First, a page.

Having gotten through the above, I'm left with those things which I can imagine so well that I cry at the thought. Were this my reality, I don't know how I would continue, I would be so overcome. The question pulls answers from a mother's stock of nightmares: Being separated from your child/ren in the ultimate of separations. This breaks my heart. Both of my children have special needs, and I'm the one who sees to them. My husband is in the picture, but I'm the one who schedules appointments, takes them, follows up, deals with the insurance woes, sees to the daily needs, the school needs... I'm also in charge of regular jobs such as homework, play dates, AWANA, Girl Scouts, Destination Imagination. Over the years, I've come to know that my husband can take care of our kids. He'll see to their needs. It's just not the way I see to their needs. It would be very difficult for him to take care of the kids and work his full-time job -- the one that he has to keep because of the insurance benefits. (What is Autism if not a pre-existing condition?) We also don't live near family -- three hours away are the closest. The best are 4.5 hours away. Perhaps by doing all those control things mentioned above, I'd not freak about this part. But I doubt it. That part is my perspective.
However, what will my children do without their mother (in the general sense)? While children do survive without their mothers, how do they thrive without them? How will they learn the things they need to know that mothers teach their children? How will they deal with all the situations that need a mother? And how will they be without me, Mom? I'm their mom; I won't be here. How will they grieve that loss? How do you prepare them for that loss? How do you comfort them when you're not here to do it? (Now I'm crying, and there's a weight on my chest, and it hurts.) How can I communicate to them my greatest desires for them as adults: that they have integrity (to do what's right even when nobody is looking), that they know that what they do has an impact on others, that they be kind to others (not patsies, but kind), and that they live their lives so that they have no regrets.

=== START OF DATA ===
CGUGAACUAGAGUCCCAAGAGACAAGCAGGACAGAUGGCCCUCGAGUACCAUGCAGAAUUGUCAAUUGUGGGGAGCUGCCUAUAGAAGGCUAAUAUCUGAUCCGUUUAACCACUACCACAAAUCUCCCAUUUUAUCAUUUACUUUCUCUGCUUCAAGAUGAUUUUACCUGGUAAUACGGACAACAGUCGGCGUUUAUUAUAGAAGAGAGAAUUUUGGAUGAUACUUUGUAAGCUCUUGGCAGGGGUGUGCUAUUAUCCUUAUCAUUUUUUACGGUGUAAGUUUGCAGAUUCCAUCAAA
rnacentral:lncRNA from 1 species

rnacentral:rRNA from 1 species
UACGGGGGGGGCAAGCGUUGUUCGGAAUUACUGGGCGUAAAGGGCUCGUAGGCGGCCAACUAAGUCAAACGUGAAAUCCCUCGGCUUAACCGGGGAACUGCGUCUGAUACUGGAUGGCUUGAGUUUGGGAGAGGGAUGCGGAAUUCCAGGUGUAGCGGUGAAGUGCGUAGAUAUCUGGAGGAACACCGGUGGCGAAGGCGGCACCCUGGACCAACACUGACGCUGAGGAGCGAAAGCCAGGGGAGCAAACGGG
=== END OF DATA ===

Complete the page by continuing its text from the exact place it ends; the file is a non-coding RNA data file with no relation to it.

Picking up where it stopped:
What will my husband do without his wife? How will he deal with all the things that have to get done? How will he remember to see past the work to the joy that remains? And what will my husband do without me? We've had some bumps along the way, but he's my best friend and has been for 27 years. What do you do with such a void? I know that I've always believed that he should "go out and love some more" a la Harold & Maude, but will he?
So what would I do if I got a bad diagnis? My husband and children know that I love them to the sun and the moon and the stars and back again. I'd have to love them and love them and love them and love them and love them. For as long as I could show them. And then I'd have to trust that they remember that. I think I'd try to make some outstanding memories for them of the little, daily things. (I remember of my own mother that when we were little and wanted to ride our bikes, she'd get out the folding lawn chair and sit by the mailbox; she'd drink her Fresca and watch us go back and forth from the curve in the road to the left of her over to Spring St. on the right. "Hi, Mom! Look at me!" She'd smile and wave and take a sip. Those kinds of memories.) But oh, how it would hurt me to know that I wouldn't be there later.
So to the friend of a friend who faces, "If you got a really bad diagnosis, what would you do? What would you change about your life?" I have to offer prayers for comfort, for strength, for peace. Prayers to know how to hang on to life tenaciously and how to let go if she must. But, oh, how I hope that she stays.